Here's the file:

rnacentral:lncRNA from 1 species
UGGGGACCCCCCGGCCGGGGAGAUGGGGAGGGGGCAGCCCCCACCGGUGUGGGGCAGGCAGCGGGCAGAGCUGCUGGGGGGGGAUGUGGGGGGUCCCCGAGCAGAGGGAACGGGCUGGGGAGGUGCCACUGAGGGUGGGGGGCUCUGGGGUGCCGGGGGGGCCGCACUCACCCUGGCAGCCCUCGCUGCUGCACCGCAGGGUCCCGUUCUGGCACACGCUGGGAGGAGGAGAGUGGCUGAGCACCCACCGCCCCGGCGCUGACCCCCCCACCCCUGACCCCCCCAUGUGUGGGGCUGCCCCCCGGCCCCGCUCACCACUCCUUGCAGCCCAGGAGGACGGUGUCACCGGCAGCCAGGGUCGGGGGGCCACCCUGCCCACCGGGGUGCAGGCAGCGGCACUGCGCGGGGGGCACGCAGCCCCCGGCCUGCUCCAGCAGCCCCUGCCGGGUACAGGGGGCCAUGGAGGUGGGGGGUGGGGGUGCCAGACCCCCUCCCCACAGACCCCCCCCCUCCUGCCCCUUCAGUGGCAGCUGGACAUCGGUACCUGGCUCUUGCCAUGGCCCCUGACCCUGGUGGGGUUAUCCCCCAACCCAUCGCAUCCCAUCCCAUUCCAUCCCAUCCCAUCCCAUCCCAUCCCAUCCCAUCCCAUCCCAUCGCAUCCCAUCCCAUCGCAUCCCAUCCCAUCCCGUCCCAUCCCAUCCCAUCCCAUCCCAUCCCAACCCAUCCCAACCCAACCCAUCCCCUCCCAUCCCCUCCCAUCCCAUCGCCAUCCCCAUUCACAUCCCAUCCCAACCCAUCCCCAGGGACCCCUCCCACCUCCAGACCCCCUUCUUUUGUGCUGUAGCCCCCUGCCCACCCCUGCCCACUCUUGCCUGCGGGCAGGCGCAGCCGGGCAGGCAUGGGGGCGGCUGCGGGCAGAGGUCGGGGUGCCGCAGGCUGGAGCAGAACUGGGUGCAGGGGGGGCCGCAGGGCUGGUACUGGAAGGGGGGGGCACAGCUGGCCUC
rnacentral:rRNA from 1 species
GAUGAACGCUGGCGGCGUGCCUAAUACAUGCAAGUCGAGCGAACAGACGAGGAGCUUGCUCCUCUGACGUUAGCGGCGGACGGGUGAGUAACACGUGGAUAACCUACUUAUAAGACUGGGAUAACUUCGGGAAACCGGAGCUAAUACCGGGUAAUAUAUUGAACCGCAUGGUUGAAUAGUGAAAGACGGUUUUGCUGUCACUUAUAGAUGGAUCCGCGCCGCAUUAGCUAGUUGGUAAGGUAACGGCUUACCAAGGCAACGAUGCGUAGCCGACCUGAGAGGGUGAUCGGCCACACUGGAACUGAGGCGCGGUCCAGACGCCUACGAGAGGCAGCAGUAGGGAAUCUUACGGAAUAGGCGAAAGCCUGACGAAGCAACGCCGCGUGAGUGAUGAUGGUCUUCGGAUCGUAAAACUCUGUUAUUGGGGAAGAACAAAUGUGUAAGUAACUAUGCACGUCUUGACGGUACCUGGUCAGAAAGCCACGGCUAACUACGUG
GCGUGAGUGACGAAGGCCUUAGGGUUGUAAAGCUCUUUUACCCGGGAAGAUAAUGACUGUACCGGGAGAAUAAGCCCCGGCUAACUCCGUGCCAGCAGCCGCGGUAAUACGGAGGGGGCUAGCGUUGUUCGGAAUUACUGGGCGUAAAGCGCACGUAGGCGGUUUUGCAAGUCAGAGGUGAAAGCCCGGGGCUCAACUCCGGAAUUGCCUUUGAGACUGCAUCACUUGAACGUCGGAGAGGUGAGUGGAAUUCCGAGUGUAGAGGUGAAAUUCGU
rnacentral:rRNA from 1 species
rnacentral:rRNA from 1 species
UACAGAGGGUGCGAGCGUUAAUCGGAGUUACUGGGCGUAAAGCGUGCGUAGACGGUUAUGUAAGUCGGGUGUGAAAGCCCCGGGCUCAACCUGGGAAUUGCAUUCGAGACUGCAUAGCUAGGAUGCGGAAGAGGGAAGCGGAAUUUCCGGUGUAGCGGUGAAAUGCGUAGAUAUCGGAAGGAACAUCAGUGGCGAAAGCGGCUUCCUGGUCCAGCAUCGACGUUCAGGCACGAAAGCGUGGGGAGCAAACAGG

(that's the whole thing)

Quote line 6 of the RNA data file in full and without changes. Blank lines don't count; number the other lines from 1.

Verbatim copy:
rnacentral:rRNA from 1 species